Yesterday, the US Supreme Court told Epic Games and Apple, “No, thank you,” and Apple served up an ugly alert to developers who can now offer payment options outside the App Store. If you’re thinking, “Wait, didn’t this all get resolved ages ago?” I feel you. The legal system moves at its own pace, which is an order of magnitude slower than technology. However, what might feel like a lifetime ago to many MacStories readers is pretty typical. It also means that it’s time to put on my ‘former lawyer’ hat for a moment to revisit where things stand with Epic and Apple and consider what’s next.

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What Does It All Mean?: A Look at Judge Gonzalez Rogers’ Decision in the Epic Versus Apple Trial

Yesterday, US District Judge Yvonne Gonzalez Rogers decided Epic Games’ antitrust lawsuit against Apple, delivering a ruling in favor of Apple that comes with significant caveats. Although the Judge found that Apple‘s operation of the App Store isn’t an exercise of monopolistic power, she concluded that App Review Guidelines and related provisions of its agreements with developers foster a lack of pricing transparency store-wide that undermines competition under California law. So, while the decision is undeniably a win for Apple in many respects, it’s also a decidedly mixed bag. I’ve taken the time to read Judge Gonzalez Rogers’ 185-page decision and having written an in-depth look at the issues going into the trial, I thought I’d follow up with what the Court’s ruling is likely to mean for Epic and Apple as well as all developers and consumers.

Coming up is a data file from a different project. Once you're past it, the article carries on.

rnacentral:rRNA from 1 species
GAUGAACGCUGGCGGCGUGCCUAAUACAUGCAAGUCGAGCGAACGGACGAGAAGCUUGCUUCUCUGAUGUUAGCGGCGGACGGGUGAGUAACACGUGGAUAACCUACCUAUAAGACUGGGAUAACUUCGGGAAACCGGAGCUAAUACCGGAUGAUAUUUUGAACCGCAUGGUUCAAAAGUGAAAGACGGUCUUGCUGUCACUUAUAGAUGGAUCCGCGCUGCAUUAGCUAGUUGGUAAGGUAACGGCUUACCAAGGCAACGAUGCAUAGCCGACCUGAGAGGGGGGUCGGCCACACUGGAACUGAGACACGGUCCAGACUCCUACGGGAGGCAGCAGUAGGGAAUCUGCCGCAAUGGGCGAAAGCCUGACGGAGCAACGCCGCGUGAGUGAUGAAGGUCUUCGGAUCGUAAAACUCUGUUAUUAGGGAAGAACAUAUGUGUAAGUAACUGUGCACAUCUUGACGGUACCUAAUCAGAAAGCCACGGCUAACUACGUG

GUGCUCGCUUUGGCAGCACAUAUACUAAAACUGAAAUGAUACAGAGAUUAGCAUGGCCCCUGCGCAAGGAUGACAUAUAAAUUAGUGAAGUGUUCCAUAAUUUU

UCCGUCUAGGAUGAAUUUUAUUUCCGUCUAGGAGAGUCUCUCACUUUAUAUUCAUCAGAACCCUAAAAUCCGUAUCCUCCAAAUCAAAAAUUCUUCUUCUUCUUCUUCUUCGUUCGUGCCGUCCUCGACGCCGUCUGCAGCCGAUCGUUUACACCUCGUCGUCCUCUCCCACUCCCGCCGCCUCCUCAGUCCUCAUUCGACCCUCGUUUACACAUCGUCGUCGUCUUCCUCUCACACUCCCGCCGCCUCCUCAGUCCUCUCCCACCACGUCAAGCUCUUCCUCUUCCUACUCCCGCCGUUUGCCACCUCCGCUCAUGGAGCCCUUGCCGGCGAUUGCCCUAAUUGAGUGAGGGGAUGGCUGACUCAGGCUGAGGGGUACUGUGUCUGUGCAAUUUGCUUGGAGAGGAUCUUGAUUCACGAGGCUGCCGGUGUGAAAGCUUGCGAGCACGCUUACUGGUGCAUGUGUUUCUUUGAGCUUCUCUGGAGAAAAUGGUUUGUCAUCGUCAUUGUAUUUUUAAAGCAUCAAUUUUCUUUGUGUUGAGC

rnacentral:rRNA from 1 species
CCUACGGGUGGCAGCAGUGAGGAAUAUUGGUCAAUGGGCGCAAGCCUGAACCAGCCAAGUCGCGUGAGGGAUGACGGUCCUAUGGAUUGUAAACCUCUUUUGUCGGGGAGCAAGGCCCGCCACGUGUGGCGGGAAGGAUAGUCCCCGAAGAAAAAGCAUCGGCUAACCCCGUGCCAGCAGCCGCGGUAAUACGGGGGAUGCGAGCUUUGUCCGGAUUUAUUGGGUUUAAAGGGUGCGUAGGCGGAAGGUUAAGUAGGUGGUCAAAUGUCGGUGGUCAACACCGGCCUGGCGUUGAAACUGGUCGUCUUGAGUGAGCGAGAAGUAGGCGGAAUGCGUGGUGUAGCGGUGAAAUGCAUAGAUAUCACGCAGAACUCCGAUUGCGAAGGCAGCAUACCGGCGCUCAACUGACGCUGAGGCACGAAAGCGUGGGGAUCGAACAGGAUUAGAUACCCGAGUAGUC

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Epic Versus Apple: The MacStories Overview